Lately, I’ve been thinking about camp

It was summer and,
At seventeen,
We bickered over who most deserved
To operate the cotton candy machine at the camp carnival.

After dark, we took shifts.
One kept watch for flashlights coming down the hill.
The rest slipped in and out of the water,
Breaking the surface of the lake with wet skin,
Breaking the silence with gasps of laughter and shushing.

On brisker Berkshire nights,
We congregated beneath the covered bridge
To assemble bits of birch and hemlock.
Sculpting flames like Bernini.
Our fountain spout fire.

Some of us smoked up.
Some of us blew bubbles.
All with equal authority over our inferno,
The consensus always, “throw more on.”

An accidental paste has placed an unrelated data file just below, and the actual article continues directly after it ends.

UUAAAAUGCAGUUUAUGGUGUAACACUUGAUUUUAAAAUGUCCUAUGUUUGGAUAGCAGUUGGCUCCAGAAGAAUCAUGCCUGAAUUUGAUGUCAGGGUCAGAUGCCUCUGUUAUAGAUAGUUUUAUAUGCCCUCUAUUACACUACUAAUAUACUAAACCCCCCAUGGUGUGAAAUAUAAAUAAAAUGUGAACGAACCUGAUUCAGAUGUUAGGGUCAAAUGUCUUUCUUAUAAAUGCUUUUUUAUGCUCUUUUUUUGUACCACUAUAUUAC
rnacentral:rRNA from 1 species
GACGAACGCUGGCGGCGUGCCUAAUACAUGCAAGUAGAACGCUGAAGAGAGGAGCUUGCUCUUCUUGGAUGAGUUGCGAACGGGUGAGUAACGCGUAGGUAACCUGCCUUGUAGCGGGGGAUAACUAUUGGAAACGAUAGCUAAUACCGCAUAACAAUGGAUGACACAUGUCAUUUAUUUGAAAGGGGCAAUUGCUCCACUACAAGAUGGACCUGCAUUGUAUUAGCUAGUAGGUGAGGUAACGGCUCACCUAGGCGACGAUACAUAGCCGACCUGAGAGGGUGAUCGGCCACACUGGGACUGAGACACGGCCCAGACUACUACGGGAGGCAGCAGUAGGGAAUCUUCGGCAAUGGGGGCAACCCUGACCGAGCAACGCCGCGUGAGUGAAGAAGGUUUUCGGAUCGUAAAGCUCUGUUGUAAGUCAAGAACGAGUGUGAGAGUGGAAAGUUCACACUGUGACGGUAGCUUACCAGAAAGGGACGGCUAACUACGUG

Before lights out,
We tucked in,
We dried homesick tears,
We sang bedtime songs,
We read insipid inspirational poetry,
We pointed out constellations.

After Taps,
We stargazed two by two.
With our eyes closed,
Our mouths open,
Our hands warm beneath fleece
With someone else’s name sewn in the collar.
That’s the buddy system.

We stayed up too late.
We smelled like lake water and burning leaves.
We kept secrets and promises.
We sang the same songs.

But none of that mattered
When it came to the cotton candy machine.